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ABSTRACT: Objective: The DAS28, used to assess disease activity in rheumatoid arthritis (RA), is a composite score comprising clinical, biochemical and patient self-report measures. We hypothesized that psychological factors (cognitions and mood) would be more strongly associated with patient reported components of DAS28 than clinical or biochemical components. Methods: A cross-sectional, observational study of 322 RA patients awaiting biologic therapy with active disease (mean DAS28 = 6.0) was undertaken. Patients’ illness beliefs, treatment beliefs and mood were measured using the Brief Illness Perception Questionnaire (Brief IPQ), the Beliefs about Medicines Questionnaire (BMQ) and the Hospital Anxiety and Depression Scale, respectively. Relationships between psychological factors and (i) total DAS28 (ii) individual components of DAS28 were analysed using linear regression. Results: Total DAS28 produced significant but weak associations with two of the Brief IPQ items but no associations with BMQ or HADS scores. There were larger significant associations between the patient reported visual analogue scale (VAS) with five items of the Brief IPQ and with HADS depression. Low illness coherence was associated with higher tender joint count. Three Brief IPQ items and HADS anxiety scores were significantly associated with C-reactive protein or erythrocyte sedimentation rate. No psychological factors were associated with the swollen-joint count. Conclusion: One of the subjective components of the DAS28, patient VAS, was highly correlated with cognitive factors and depression in those with severe RA. By reporting individual DAS28 components, clinicians may be better able to assess the impact of therapies on each component, adjusting approaches according to patients’ needs. © 2013 American College of Rheumatology.Arthritis Care & Research. 11/2013;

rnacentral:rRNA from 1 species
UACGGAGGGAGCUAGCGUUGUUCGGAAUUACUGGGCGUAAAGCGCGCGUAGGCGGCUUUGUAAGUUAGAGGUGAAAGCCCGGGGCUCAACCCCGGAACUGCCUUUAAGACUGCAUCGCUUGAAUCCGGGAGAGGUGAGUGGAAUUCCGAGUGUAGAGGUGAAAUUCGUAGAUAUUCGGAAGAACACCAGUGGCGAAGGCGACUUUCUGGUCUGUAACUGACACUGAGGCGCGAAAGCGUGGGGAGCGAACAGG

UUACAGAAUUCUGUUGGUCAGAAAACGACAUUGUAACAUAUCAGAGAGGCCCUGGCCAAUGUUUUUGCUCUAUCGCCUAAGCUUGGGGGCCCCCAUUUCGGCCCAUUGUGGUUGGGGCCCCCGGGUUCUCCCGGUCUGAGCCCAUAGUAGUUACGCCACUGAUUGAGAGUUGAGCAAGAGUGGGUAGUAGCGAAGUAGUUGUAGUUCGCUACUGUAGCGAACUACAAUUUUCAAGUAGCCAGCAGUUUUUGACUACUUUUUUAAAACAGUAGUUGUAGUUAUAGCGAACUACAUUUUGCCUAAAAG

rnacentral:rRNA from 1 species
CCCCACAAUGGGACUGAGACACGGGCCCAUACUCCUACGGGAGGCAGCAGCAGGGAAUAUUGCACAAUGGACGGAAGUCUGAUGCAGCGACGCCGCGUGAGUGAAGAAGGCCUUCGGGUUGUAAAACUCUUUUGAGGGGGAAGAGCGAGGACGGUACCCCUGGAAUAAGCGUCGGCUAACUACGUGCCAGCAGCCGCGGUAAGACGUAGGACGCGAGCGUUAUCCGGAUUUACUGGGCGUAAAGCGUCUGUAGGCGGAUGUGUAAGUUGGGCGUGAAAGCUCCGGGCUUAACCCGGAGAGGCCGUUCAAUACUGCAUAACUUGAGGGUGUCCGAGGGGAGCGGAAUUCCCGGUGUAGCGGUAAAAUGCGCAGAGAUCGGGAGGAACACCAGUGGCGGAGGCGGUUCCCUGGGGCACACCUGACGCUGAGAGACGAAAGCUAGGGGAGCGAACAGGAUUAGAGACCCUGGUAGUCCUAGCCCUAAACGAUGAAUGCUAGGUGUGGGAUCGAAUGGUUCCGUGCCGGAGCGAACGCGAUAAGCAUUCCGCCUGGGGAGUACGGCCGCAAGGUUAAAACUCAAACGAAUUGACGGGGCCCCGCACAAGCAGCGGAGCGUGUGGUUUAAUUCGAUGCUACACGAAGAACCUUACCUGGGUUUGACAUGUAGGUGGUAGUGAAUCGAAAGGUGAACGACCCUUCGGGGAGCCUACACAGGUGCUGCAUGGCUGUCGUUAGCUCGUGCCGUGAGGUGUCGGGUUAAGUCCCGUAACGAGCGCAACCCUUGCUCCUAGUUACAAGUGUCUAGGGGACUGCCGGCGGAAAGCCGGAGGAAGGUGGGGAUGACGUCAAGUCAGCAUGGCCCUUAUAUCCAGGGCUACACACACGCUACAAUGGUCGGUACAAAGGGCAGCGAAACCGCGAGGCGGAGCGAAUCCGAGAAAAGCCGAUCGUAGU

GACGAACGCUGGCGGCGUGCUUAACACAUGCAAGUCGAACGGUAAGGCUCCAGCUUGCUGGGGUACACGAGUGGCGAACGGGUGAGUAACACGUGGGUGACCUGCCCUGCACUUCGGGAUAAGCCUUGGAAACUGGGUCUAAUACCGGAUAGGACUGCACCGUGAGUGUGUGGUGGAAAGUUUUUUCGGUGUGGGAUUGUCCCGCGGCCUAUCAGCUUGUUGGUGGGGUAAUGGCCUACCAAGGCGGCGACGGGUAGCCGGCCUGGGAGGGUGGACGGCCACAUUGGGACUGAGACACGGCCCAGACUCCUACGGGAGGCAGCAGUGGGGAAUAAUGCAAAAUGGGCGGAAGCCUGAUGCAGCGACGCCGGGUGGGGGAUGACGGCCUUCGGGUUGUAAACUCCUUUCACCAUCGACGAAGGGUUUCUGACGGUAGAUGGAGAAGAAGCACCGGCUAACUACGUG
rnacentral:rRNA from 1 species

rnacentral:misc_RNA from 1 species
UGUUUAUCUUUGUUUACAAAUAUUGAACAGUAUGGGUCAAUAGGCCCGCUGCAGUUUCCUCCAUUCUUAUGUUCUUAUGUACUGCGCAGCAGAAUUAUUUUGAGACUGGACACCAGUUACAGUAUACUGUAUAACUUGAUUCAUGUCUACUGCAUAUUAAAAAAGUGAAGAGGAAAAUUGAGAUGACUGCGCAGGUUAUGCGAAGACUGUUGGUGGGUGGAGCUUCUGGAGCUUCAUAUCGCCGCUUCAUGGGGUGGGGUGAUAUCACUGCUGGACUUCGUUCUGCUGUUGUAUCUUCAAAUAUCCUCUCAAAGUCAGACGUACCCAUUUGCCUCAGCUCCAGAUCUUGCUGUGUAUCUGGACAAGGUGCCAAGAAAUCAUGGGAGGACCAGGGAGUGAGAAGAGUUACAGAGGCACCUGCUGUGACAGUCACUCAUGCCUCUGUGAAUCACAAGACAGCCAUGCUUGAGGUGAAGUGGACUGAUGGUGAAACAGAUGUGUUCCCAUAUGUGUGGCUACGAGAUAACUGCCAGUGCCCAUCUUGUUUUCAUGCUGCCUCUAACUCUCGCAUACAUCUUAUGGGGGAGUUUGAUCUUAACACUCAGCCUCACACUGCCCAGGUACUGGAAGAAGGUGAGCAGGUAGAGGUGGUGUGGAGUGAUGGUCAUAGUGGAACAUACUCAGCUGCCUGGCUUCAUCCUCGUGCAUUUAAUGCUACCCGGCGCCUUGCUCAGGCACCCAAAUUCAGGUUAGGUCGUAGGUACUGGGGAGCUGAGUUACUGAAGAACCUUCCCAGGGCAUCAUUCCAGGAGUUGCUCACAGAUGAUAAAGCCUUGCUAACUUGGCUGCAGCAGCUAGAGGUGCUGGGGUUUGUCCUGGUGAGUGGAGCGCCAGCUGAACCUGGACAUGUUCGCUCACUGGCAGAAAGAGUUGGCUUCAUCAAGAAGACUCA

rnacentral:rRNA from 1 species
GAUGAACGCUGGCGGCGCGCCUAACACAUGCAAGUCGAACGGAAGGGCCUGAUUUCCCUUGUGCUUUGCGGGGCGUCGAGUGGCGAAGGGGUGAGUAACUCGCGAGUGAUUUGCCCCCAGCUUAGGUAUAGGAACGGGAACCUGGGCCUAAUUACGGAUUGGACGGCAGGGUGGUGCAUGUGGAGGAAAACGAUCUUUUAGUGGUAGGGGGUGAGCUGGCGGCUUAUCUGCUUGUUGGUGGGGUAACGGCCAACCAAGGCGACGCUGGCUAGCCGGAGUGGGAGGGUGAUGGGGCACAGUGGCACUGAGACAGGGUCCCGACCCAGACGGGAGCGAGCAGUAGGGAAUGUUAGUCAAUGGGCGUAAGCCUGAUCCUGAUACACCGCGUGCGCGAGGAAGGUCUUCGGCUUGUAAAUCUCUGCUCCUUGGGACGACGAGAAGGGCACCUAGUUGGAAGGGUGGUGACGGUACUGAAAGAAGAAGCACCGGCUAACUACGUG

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ABSTRACT: Raising a child with an autism spectrum disorder (ASD) is a severe stressor and parents often present high levels of depression. Depression is associated with illness perceptions but this association has not been studied in parents of ASD offspring. We aimed to assess the prevalence of psychological distress symptoms and their associations with illness perceptions in parents with an ASD offspring. In 111 parents of ASD offspring we assessed depressive symptoms (PHQ-9), illness perceptions (B-IPQ) and general psychological distress (GHQ-28). Multiple linear and logistic regressions were used to assess their independent associations. The prevalence of parental clinically significant depressive symptoms was 34.2%, while 55% presented clinically significant levels of general psychological distress. Younger parents and those with lower financial resources had greater psychological distress and more severe depressive symptoms. Parents felt that the condition impacted their lives and believed it would be chronic. Their beliefs about the consequences and the chronicity of the disorder were significant independent correlates of their psychological distress and depressive symptoms severity. These findings indicate that a remarkable proportion of parents with an ASD offspring present clinically significant depressive symptoms, which were associated with illness perceptions relevant to the consequences and the chronicity of the disorder. Our data encourage psychotherapeutic interventions aiming to support parents to deal with the consequences and chronicity of their offspring's disorder, in order to reduce parental psychological distress.Disability and Health Journal 04/2014; 7(2):173-80. · 1.50 Impact Factor